In the following section, contributors trace both changes and continuities in the digital workplace by providing a look inside management systems for digital workplaces (Michael McNally) and web site design (Helen Kennedy). While McNally critically interrogates the ways in which Enterprise Content Management Systems monitor and deskill workers by subjecting their labour to ever-more minute processes and procedures, Kennedy examines the ways that web site designers are effectively selfmanaging the regulation of standards and accessibility within their profession. This selfmanagement, Kennedy warns, should not be read as yet another symptom of neo-liberal downloading, but, rather, as processes informed by an exemplary desire to address social wrongs by doing good work. Taken together, McNally’s and Kennedy’s essays highlight what remain the ambivalent politics of digital workplaces.
Of course, these politics and the ideologies attached to them reverberate in different ways across different geographic locations. The contributions of Ajit Pyati and Sandra Smeltzer and Daniel Paré highlight and explore the implications of the ideologies of the ‘knowledge economy’ to national development strategies in India and Malaysia.
Smeltzer and Paré revisit the carriage/content distinction as it is iterated and reiterated in Malaysian business and government discourse and reveal the extent to which it has come to function as an ideological buttress for the agendas of each set of elites. Digital labourers working to build venues for value-added work and to enhance civil engagement online are the losers. Pyati likewise cocks an ear to discourses of development and concludes that the neo-liberal tone of much Indian discussion of the ‘knowledge society’ must be countered with a more critical conception of the public, digital and otherwise.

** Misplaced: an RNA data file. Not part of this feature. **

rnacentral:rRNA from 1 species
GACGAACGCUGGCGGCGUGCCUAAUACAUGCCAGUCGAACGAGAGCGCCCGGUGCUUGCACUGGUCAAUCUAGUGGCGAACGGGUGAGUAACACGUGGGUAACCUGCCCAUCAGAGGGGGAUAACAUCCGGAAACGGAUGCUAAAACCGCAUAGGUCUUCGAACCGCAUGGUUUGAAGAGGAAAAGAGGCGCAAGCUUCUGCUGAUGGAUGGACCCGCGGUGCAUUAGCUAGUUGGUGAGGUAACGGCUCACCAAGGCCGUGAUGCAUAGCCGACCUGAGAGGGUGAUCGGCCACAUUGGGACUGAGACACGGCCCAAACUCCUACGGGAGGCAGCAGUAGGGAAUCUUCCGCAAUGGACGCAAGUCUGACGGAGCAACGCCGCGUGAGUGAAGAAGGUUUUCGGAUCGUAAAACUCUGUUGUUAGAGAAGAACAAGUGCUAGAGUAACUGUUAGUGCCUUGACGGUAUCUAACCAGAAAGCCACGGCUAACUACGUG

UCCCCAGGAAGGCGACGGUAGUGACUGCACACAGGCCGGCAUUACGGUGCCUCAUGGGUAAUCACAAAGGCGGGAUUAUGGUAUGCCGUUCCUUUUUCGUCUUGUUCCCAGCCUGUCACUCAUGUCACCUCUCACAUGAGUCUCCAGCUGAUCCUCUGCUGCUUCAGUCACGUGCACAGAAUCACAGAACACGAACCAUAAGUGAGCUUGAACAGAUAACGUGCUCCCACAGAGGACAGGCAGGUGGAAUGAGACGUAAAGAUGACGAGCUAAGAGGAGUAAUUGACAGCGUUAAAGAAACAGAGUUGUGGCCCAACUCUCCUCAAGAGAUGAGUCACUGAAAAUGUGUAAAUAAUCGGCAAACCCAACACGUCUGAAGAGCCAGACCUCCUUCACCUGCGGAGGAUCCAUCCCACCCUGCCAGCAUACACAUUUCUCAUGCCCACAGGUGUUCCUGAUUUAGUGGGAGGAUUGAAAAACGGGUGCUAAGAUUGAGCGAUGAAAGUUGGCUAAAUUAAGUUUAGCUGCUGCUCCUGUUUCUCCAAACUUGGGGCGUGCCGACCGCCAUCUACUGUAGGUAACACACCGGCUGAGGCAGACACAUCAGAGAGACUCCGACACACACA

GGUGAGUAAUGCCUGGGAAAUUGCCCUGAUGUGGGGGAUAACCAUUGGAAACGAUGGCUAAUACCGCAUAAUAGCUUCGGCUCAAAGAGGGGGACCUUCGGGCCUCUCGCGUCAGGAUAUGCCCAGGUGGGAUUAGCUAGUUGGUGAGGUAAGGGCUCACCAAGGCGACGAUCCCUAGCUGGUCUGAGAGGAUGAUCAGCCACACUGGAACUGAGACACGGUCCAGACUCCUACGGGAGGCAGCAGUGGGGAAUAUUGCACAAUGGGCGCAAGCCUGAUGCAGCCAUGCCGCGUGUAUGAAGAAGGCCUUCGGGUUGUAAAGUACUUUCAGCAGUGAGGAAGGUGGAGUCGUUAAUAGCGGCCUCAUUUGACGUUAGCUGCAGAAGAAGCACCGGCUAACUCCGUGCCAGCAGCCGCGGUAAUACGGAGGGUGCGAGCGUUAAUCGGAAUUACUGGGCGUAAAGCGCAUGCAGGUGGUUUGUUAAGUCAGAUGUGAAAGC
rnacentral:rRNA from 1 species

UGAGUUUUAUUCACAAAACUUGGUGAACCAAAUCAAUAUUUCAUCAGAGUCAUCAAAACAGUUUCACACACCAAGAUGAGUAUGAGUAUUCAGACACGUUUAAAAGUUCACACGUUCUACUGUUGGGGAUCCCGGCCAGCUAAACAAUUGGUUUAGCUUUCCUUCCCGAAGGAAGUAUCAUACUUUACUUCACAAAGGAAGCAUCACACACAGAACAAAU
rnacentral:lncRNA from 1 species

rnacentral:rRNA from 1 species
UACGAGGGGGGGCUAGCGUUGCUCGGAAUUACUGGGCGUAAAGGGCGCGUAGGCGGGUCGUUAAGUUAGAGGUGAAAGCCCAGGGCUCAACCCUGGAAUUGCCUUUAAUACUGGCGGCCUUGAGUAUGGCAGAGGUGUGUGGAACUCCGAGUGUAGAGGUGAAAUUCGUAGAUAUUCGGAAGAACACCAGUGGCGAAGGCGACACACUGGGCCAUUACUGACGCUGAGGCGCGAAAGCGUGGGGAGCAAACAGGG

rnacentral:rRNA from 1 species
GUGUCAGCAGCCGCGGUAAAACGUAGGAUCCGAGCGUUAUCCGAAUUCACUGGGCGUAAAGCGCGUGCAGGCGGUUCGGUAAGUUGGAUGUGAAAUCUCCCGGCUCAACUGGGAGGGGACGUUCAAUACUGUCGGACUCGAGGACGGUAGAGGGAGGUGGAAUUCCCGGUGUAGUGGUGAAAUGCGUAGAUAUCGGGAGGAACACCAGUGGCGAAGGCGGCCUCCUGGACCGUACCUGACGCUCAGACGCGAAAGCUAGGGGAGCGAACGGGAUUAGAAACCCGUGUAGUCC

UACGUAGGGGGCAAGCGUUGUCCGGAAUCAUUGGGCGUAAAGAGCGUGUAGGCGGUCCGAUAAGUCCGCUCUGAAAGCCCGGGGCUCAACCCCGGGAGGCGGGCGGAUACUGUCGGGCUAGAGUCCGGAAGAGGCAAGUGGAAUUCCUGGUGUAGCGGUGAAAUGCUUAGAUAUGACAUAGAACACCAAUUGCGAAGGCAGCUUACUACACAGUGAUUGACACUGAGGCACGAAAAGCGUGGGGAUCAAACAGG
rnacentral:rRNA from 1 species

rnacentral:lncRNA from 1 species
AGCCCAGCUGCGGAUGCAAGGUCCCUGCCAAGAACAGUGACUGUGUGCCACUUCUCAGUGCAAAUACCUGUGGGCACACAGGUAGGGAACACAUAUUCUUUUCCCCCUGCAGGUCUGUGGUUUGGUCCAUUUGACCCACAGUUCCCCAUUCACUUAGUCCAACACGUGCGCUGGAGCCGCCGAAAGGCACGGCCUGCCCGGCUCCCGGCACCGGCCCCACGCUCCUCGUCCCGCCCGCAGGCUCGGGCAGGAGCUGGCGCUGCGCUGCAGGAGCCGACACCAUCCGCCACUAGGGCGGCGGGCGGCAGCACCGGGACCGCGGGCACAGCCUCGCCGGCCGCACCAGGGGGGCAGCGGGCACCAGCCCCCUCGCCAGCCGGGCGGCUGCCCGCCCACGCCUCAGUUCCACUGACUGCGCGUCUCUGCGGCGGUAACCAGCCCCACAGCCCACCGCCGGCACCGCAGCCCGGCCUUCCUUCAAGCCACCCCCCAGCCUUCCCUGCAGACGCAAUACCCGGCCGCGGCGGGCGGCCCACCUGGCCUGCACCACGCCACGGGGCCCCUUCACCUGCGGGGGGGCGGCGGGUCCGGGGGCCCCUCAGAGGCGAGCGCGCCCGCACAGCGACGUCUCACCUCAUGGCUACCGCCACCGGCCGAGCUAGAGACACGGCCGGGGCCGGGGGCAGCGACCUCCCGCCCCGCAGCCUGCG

The next set of contributions interrogates, through different theoretical lenses, purported shifts in the very nature of labour and the extraction of value in the digital era. Alison Hearn examines the tensions between individual practices of online ranking and feeding-back and the digital businesses that have arisen to structure these forms of expression into quantifiable information for profit in the form of ‘reputation’. Vincent Manzerolle deploys Smythe’s concept of the audience commodity to trace the ways mobile web-enabled devices turn human communication into work and are, therefore, deeply implicated in the accumulation practices of information capital. Edward Comor engages the contentious term ‘prosumer’ head on, providing a corrective to celebratory claims about the ways in which prosumption will lead to the end of alienation, and carefully parsing the differential effects and benefits of prosumption practices across the still class-stratified working world. Although these papers take different objects as their focus, all explore the ways in which individual creative input, ostensibly ‘freely’ given, is, at best, ambivalently positioned within capitalism; for the vast majority of people these practices remain captive to and conditioned by the perennially exploitative processes of capitalist exchange.